By Alan Axelrod
Winston Churchill titled a chapter of his monumental history of World War II “The Wizard War.” It was all about the incredible technological innovations the war both produced and demanded, including such Allied advances as radar and the arsenal of Nazi “wonder weapons,” the most famous of which were the early cruise missile known as the V-1 and the world’s first ballistic missile, the V-2.
The pilotless V weapons—“vengeance weapons,” as propaganda minister Joseph Goebbels called them—were built for just one purpose: terrorizing populations into submission. They were nevertheless true wonders of technology massively accelerated by war. To counter them, the British and Americans hitched their own technological prowess to a seemingly inexhaustible genius for improvisation that pushed technology beyond what had been tested at the time.
When, for example, it became clear that conventional fighter pursuit techniques were not effective at downing the V-1s, RAF pilots quickly learned to maneuver their aircraft so that its wing broke up the airflow above the wing of the incoming V-1. This required sliding the fighter’s wingtip to within six inches of the lower surface of the V-1 wing while flying at 400 mph. The maneuver flipped the V-1 wing up, disrupting the craft’s gyros, and sending it into an uncontrolled dive. Executed close to the Channel and away from population centers, the crash was relatively harmless.
The V-1 was a stubby-winged cruise missile, fast, but still vulnerable to the fastest RAF fighter planes. The V-2, however, flew at 3,580 miles per hour in a trajectory that reached the stratosphere—as high as 128 miles—too high and fast to be shot down. The U.S. Army Air Forces and, mostly independently, the U.S. Navy therefore improvised a weapon capable of destroying the V-2s on the ground, while they were still awaiting launch in hardened ferroconcrete bunker fortresses arrayed along the French side of the English Channel at the Pas de Calais.
Lieutenant General Jimmy Doolittle, commanding officer of the Eighth U.S. Air Force, knew all about desperate innovation. On April 18, 1942, just five months after Pearl Harbor, Doolittle did the impossible by leading sixteen twin-engine B-25 medium bombers off the deck of the U.S. aircraft carrier Hornet to raid Tokyo and other Japanese cities. Two years later, he championed Operation Aphrodite, a plan to install radio control equipment in “war-weary” four-engine B-17s, pack the planes with a dozen tons of high explosive, and fly them by remote control directly into the German launch sites. The state of radio control was so rudimentary that live pilots were required to get the flying bombs off the ground. Once airborne, they armed the payload and established radio contact with the manned mother ships that would remotely pilot them into their targets. Then they bailed out over England before the now-pilotless “drone” reached the English Channel.
It was the closest thing to a suicide mission since the Doolittle Raids, and only a few volunteered for it. U.S. Navy Lieutenant Joseph P. Kennedy Jr. was the eldest son of the former ambassador to Great Britain. Having embraced Prime Minister Neville Chamberlain’s now-infamous appeasement policy, the senior Kennedy was forever branded a defeatist.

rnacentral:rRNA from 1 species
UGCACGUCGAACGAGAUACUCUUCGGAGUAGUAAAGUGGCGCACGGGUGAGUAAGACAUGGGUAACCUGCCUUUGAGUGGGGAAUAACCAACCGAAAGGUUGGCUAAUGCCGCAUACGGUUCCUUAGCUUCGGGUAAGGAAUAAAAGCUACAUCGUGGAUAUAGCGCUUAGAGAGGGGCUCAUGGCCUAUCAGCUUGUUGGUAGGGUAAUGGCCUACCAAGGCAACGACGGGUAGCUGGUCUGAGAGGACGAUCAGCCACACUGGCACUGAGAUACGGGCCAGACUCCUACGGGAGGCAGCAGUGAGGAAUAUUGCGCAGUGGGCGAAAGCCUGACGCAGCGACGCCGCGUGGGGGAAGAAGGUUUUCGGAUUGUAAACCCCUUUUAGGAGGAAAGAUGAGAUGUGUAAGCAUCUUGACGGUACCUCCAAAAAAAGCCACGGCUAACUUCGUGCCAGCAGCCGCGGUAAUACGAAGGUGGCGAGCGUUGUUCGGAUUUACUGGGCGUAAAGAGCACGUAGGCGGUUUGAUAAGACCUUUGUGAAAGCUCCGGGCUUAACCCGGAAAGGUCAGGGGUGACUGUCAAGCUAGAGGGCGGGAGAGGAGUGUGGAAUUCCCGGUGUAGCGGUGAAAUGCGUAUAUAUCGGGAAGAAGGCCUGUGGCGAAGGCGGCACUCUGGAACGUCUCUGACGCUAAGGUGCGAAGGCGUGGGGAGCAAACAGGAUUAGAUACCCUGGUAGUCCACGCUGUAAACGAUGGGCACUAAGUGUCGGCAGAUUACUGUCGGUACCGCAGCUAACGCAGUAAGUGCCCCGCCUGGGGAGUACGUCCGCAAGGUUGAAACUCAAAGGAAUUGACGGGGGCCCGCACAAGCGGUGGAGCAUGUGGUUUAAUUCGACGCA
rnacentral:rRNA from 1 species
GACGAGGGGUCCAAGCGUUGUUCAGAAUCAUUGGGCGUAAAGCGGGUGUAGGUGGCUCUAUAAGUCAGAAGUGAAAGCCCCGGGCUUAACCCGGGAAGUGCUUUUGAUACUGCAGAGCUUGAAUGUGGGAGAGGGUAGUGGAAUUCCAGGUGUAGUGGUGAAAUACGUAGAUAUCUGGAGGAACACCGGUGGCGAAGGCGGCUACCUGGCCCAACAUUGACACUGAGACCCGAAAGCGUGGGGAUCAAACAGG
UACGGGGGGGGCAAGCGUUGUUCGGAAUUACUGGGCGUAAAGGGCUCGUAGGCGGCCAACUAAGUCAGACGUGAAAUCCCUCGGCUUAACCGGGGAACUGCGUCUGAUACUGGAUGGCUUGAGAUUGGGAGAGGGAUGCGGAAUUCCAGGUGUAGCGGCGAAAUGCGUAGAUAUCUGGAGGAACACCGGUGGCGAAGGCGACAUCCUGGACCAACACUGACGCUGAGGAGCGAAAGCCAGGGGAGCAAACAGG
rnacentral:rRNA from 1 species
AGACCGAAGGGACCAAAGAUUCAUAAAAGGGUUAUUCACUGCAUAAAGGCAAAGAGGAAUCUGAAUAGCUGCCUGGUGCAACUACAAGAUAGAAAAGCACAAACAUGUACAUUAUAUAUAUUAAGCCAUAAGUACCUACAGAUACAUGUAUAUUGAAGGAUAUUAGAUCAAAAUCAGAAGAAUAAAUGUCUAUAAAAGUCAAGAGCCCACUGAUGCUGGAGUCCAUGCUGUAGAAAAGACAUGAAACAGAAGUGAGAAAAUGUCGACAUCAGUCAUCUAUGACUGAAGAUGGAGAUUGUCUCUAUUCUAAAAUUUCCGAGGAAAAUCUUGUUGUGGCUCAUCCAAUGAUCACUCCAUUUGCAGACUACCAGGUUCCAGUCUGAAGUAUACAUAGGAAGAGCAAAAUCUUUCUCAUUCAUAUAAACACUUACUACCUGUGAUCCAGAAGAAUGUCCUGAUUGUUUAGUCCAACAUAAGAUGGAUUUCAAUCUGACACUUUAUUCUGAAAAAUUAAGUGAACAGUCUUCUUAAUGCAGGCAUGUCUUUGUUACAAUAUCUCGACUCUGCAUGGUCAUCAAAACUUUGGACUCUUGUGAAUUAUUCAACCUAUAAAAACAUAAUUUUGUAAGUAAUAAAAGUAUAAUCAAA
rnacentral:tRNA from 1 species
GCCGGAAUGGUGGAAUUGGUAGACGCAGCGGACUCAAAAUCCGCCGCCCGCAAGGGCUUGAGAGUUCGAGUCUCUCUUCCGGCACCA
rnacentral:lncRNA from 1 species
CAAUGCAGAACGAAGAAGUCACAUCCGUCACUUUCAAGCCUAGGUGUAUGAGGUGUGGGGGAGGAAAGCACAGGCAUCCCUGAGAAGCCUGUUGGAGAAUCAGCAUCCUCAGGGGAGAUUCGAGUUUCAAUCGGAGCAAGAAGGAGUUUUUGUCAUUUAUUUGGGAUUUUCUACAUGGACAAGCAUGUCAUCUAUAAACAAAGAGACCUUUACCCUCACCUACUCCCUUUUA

Joe Jr. volunteered to fly in Project Anvil, the navy counterpart of Aphrodite. His PB4Y-1 (navy version of the B-24 Liberator) was packed with 12 tons of torpedo explosive. The navy had been working on remote-control flight both longer and more intensively than the army and had created far more sophisticated radio-control technology. But the electronics used to actually arm the most lethal explosive package prior to Hiroshima, had been quickly thrown together on a plywood circuit board so crude that one officer who saw it compared it to “something you’d make with a number two Erector set and Lincoln Logs.”
Joe Jr. took off from an RAF base in England on August 12, 1944. Eighteen minutes into the mission, his aircraft exploded over Newdelight Wood near the Suffolk hamlet of Blytheburgh. Kennedy’s commanding officer, Commander James Smith, flying in an observation aircraft, later remarked that “nothing larger than a basketball could have survived the blast.” Kennedy and his single crew member, Lieutenant Wilford John “Bud” Willy, died instantly.
They had paid the price of war or, more precisely, the price of desperate improvisation a “wizard war” demanded. The rocket speed of technological advance called for a new breed of hero. Driven by a hunger to redeem the Kennedy name from his father’s errors of political and moral judgment, by lifelong competitiveness with his younger brother, Lieutenant (jg) John F. Kennedy, hero of PT-109, and, more selflessly, by a passionate desire to spare London further V-weapon devastation, Joseph P. Kennedy Jr. answered the call.
Historian Alan Axelrod is the author of Lost Destiny: Joe Kennedy Jr. and the Doomed WWII Mission to Save London the business bestsellers Patton on Leadership and Elizabeth I, CEO, the Great Generals series books Patton, Bradley, and Marshall, and many books on American and military history. He lives in Atlanta, Georgia.
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